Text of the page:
An unusual ecological relationship between kelp gulls and whales has emerged in recent years in Peninsula Valdes, Argentina.
Peninsula Valdes is a UNESCO World Heritage site jutting forth from the Atlantic coast of Argentina.
The mixture of warm Brazilian currents and cold Antarctic currents generate a wealth of marine biodiversity along this desert coastline.
Southern right whales journey to the quiet gulf waters of Peninsula Valdes each year to breed and give birth.
Despite its status as a World Heritage site, the biodiversity of Peninsula Valdes faces growing threats from climate change, overfishing, and pollution. Pollution and waste from urban growth and expanding fishery operations contributes to the overpopulation of kelp gulls.
Kelp gulls have adopted a new food source: southern right whale flesh and blubber.
Kelp gulls are not eating dead skin or parasites. They are digging straight into the backs of vulnerable calves and mothers, who spend most of their time resting on the surface. Many whales exhibit crater-like scars and injuries.
Newborn calves are the most vulnerable to gull attacks. Their skin is not yet tough enough to protect them from attack, and the gulls know this. Many gulls can follow mothers, patiently waiting for a calf to emerge from the water.
More and more kelp gulls are learning to feed on whales each year. This is an unnatural behavior not observed anywhere else in the world. The behavior is learned and passed on from adults to juveniles (as seen in this photo).
Gulls naturally feed on mollusks and other intertidal marine species. Worldwide, gull populations are growing due to a seemingly endless buffet of waste and garbage. The recent growth of the nearby city of Puerto Madryn, coupled with an influx of Argentinian and international tourists, is generating a waste management crisis along the coast of this World Heritage Site.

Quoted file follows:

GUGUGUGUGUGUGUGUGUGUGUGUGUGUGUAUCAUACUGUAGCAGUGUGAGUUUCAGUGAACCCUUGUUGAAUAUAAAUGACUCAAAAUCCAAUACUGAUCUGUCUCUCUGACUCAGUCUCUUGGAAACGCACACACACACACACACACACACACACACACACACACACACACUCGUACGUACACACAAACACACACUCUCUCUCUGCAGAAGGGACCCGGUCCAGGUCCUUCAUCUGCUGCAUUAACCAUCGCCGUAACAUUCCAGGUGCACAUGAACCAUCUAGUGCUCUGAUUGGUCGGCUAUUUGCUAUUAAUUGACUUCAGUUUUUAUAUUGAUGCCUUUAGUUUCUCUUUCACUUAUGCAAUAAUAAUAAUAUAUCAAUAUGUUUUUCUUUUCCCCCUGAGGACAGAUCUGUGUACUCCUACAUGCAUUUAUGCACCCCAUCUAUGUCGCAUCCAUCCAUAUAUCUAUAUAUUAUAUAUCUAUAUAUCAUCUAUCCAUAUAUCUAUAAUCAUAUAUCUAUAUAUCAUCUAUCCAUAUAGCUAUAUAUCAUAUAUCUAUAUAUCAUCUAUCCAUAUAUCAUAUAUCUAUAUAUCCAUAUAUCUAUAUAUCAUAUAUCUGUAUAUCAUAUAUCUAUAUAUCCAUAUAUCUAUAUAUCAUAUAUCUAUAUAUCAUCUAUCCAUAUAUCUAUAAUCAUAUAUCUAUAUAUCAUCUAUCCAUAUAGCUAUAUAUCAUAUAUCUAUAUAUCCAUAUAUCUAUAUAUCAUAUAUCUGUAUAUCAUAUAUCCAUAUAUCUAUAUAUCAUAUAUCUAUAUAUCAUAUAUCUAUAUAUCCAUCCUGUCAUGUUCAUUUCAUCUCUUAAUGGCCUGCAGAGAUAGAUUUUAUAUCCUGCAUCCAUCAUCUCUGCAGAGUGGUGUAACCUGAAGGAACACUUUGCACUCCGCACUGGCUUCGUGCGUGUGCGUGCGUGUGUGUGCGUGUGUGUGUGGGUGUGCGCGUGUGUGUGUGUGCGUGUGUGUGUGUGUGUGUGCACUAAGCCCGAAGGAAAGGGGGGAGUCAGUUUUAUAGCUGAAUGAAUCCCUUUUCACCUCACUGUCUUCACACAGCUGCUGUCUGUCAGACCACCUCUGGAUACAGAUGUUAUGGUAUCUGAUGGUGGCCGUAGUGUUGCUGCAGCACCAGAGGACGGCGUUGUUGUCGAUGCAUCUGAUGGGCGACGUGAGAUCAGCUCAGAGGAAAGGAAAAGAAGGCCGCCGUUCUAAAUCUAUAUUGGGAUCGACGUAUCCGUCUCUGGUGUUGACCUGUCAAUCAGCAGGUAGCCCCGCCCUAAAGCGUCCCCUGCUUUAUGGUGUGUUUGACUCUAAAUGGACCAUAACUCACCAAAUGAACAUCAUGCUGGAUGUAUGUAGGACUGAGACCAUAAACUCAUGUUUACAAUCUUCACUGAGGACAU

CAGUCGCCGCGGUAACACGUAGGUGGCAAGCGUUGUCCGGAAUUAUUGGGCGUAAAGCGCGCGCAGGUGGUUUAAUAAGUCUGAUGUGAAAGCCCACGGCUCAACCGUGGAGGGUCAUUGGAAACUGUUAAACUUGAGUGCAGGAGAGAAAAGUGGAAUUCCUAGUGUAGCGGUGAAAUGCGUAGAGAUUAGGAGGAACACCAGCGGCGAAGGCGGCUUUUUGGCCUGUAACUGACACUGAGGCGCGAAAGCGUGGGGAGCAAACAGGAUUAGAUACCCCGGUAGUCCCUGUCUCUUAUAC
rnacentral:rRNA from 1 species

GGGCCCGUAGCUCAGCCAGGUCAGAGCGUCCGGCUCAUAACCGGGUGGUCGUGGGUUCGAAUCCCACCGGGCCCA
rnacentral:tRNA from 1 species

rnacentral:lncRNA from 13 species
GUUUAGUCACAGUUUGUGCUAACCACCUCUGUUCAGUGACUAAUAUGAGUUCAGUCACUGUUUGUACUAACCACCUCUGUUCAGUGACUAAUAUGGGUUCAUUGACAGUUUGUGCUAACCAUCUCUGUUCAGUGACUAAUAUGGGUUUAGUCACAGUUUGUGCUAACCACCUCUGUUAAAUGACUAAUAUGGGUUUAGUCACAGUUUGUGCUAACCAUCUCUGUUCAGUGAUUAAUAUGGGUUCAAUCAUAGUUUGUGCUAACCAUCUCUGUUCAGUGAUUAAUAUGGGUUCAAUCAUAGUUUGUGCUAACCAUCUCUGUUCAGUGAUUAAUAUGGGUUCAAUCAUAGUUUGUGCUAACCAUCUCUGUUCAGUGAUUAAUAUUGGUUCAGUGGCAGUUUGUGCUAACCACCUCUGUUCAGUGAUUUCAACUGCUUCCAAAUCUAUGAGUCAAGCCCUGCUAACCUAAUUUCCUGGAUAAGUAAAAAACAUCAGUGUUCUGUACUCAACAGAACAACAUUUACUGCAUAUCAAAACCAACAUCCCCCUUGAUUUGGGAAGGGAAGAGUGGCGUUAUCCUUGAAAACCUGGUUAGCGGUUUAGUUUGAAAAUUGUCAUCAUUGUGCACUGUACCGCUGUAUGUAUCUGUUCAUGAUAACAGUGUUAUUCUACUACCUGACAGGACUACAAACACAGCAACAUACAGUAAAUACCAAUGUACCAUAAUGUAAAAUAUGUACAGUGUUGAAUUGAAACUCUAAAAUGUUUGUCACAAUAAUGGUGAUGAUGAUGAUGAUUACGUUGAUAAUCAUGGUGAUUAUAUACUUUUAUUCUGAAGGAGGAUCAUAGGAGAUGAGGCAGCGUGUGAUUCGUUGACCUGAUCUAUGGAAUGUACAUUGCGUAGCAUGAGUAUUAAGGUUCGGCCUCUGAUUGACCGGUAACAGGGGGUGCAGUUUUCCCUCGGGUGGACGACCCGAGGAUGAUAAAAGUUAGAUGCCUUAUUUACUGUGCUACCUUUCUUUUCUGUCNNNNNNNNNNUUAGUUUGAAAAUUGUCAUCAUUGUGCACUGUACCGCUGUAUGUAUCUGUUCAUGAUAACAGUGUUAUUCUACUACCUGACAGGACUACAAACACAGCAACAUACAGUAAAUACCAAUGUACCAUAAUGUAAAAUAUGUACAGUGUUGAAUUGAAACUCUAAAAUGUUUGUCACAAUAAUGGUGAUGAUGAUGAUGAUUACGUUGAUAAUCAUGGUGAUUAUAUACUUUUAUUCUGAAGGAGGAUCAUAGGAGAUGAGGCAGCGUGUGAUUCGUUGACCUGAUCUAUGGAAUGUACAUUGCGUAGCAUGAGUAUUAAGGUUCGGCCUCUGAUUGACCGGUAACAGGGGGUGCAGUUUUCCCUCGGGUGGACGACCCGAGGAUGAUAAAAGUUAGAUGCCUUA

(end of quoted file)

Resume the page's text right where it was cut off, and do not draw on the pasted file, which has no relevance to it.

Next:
During a Patagonian winter in Peninsula Valdes, Argentina, Stephanie Stefanski explored an unusual ecological threat: gull attacks on whales.
The kelp gull population in Peninsula Valdes has grown exponentially over the last twenty years, fueled by open-air waste dumps and fishery discards – the byproducts of urban growth. The burgeoning gull population has even adopted a new food source: the flesh and fatty blubber of living southern right whales, an endangered species still recovering after two hundred years of intensive whaling.
Now researchers and conservationists are faced with the dilemma of managing this problem. Some want to see the gull population culled or controlled directly, while others advocate for a better waste management system. These two approaches illuminate broader questions about environmental perceptions and priorities: should conservationists focus on that which is more direct and immediate, or pursue more structural and complex solutions?
Regardless of the solution, the gravity of the situation is clear: the number of young whales and mothers bearing crater-like wounds from the gulls are growing, as are the deaths amongst whale calves.
Edited by Noah Sokol